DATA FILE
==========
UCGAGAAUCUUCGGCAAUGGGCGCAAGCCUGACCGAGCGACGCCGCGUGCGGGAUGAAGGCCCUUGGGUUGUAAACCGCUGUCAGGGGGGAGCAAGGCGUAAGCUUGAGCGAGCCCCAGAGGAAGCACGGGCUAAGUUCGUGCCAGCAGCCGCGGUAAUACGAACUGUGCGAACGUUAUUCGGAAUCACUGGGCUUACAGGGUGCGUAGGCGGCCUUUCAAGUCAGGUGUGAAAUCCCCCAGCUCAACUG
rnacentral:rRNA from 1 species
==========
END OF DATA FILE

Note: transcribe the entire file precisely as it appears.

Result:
UCGAGAAUCUUCGGCAAUGGGCGCAAGCCUGACCGAGCGACGCCGCGUGCGGGAUGAAGGCCCUUGGGUUGUAAACCGCUGUCAGGGGGGAGCAAGGCGUAAGCUUGAGCGAGCCCCAGAGGAAGCACGGGCUAAGUUCGUGCCAGCAGCCGCGGUAAUACGAACUGUGCGAACGUUAUUCGGAAUCACUGGGCUUACAGGGUGCGUAGGCGGCCUUUCAAGUCAGGUGUGAAAUCCCCCAGCUCAACUG
rnacentral:rRNA from 1 species